rocket stage

23 Black Female Scientists Who Changed The Damn World

Okay so prior to Alice, people had known for hundreds of years that a potential treatment to leprosy existed in the form of something called Chaulmoogra oil. It was too thick to effectively circulate through the body, but Alice Ball, science prodigy and chemist extraordinaire, was the one who FINALLY figured how to turn it into a working treatment. It’s thanks to her that a leprosy crisis was avoided in the early 1900s. Bless you, Alice.

Stay with me for a second because this is actual rocket science. Centaur is a second-stage rocket launcher: the workhorse of the rocket world used to propel countless probes and satellites into space. It’s been invaluable to NASA since its creation, first allowing the U.S. to catch up to the Soviet Union during the space race, and eventually propelling spacecrafts to land on the moon and fly by other planets in the solar system.

So yes: Annie Easley helped DO that. She also contributed energy research to power plants and electronic batteries, which enabled the creation of hybrid vehicles. Go ahead and thank Annie for those, too.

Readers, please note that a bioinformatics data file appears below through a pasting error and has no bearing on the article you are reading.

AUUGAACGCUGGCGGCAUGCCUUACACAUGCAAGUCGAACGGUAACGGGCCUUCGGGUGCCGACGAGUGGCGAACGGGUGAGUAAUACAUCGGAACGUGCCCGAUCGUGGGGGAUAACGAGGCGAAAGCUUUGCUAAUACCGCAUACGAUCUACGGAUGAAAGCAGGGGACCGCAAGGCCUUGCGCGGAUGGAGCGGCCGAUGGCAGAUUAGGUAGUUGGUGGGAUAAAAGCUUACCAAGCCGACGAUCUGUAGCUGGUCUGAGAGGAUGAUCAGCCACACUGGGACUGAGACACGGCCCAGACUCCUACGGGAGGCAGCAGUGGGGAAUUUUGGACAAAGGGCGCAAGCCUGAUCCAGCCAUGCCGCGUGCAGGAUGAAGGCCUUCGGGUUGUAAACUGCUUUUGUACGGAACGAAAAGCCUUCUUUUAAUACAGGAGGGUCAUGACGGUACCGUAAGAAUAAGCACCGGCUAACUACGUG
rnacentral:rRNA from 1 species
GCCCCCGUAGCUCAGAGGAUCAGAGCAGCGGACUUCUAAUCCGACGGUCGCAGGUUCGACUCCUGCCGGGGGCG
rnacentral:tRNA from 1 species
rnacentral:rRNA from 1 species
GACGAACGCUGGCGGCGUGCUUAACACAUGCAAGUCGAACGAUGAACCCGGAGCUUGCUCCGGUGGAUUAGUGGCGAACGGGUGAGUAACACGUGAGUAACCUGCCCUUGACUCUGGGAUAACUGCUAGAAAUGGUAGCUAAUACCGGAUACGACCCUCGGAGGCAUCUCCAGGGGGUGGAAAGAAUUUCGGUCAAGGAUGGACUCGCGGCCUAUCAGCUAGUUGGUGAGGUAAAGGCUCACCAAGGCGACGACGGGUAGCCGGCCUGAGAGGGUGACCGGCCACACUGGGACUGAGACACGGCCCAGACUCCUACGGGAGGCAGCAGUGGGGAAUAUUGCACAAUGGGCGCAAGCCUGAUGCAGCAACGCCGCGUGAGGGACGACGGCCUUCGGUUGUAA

Prior to Jeanne, the impact of discrimination and its accompanying stress factors were rarely explored or acknowledged in relationship to health. She also researched the impact of racism on childhood development and ways to approach therapy that addressed the needs of people of color. And Jeanne broke a ton of ground for black psychologists through her roles in academia and her publications.

Jewel researched ways to alter cell growth AND experimented with growing human tumor tissue outside of the human body to use for cancer treatment tests (instead of testing on living people). As if that wasn’t enough, she also helped to form the National Science Foundation’s Committee on Women and Minorities in Science.

The chair of the U.S. Nuclear Regulatory Commission monitors the byproduct of nuclear reactors, so it’s a pretty big deal. Shirley also served on a bunch of advisory boards for international security and energy, AND she was the first black woman to get a Ph.D from MIT.

See the full list:

23 Black Female Scientists Who Changed The Damn World

instagram

Landing

Science in Space!

What science is headed to the International Space Station with Orbital ATK’s cargo resupply launch? From investigations that study magnetic cell culturing to crystal growth, let’s take a look…

Orbital ATK is targeted to launch its Cygnus spacecraft into orbit on April 18, delivering tons of cargo, supplies and experiments to the crew onboard.